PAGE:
New boss for wildlife trust
CONSERVATION charity Avon Wildlife Trust (AWT) has appointed a new chief executive, Dr Bevis Watts.
Dr Watts, a chartered environmentalist, joins the trust from Triodos Bank where he has been head of business banking for the sustainable bank for the last five years. He replaces former chief executive Pat Ellingham, who retired at Christmas.
The AWT new boss has a personal interest in conservation, as a founding trustee of a Warwickshire-based conservation charity and as a volunteer on three international marine conservation projects.
Dr Watts said: "I have been an admirer and supporter of the trust's work for some time and of what is a very strong and stable organisation."To have such great heritage to build on is truly exciting and I hope my leadership can inspire a step change in the trust's scale and impact."
Business Cards From Only £10.95 Delivered www.myprint-247.co.ukView details
Our heavyweight cards have FREE UV silk coating, FREE next day delivery & VAT included. Choose from 1000's of pre-designed templates or upload your own artwork. Orders dispatched within 24hrs.
Terms: Visit our site for more products: Business Cards, Compliment Slips, Letterheads, Leaflets, Postcards, Posters & much more. All items are free next day delivery. www.myprint-247.co.uk
Contact: 01858 468192
Valid until: Sunday, June 30 2013
AWT manages 35 nature reserves across the former Avon area, including Portbury Wharf and Willsbridge Valley. The trust, which is supported by more than 16,500 members, owns the education, conference and events venue, the Folly Farm Centre, and runs initiatives including Wild Schools and Feed Bristol.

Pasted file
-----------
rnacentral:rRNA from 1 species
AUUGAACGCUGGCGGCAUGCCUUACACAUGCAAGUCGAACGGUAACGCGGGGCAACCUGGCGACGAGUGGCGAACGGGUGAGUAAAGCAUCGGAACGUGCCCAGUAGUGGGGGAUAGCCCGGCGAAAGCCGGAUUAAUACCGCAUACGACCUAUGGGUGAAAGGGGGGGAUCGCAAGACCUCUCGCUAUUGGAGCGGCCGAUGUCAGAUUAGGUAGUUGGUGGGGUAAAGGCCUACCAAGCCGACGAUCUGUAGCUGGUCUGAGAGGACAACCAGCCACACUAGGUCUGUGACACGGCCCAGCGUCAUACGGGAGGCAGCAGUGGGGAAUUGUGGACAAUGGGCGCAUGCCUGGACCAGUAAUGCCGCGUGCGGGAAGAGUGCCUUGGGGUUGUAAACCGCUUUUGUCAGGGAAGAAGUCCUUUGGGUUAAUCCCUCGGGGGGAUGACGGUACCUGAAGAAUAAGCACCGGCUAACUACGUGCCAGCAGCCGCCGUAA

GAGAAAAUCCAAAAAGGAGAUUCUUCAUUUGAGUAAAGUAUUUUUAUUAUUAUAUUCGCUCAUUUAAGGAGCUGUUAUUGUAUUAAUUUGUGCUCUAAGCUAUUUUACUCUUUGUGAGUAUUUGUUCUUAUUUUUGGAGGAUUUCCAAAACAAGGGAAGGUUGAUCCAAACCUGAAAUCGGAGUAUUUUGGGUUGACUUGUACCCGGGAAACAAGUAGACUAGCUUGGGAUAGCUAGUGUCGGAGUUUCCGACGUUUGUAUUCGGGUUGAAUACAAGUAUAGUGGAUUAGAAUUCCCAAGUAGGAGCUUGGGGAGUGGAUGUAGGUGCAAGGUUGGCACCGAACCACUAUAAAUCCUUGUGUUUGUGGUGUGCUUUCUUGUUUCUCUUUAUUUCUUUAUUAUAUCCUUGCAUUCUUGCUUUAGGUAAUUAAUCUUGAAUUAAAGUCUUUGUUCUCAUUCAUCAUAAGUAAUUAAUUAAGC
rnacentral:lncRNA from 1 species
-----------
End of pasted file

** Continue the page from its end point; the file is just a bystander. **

The charity provides advice and guidance to farmers and landowners through Living Landscapes and other projects.
Dr Watts added: "My interest in conservation comes partly from a conviction about the social importance of wildlife to a healthy and truly sustainable society.
"At long last we are starting to recognise that a green economy doesn't simply mean creating some jobs in green industries, it means creating an economy that recognises its fundamental dependence on the health of our natural environment."
The appointment follows the retirement of former chief executive Steve Grainger in September and Pat Ellingham who was acting chief executive in the interim period.
Mrs Ellingham, who had worked at the charity for 30 years, said: "Although we were one of the last wildlife trusts to be formed, we started a new era – we were one of the first to say it's not just about conservation, our work must also be about education. What's the point of conserving the natural world, if we don't educate future generations on how to maintain our biodiversity, and inspire them to get out and enjoy the nature around them? We have achieved a lot over the past 30 years, and it's always been a wonderful place to work – to spend your days alongside people who are truly passionate about the work they do is a joy."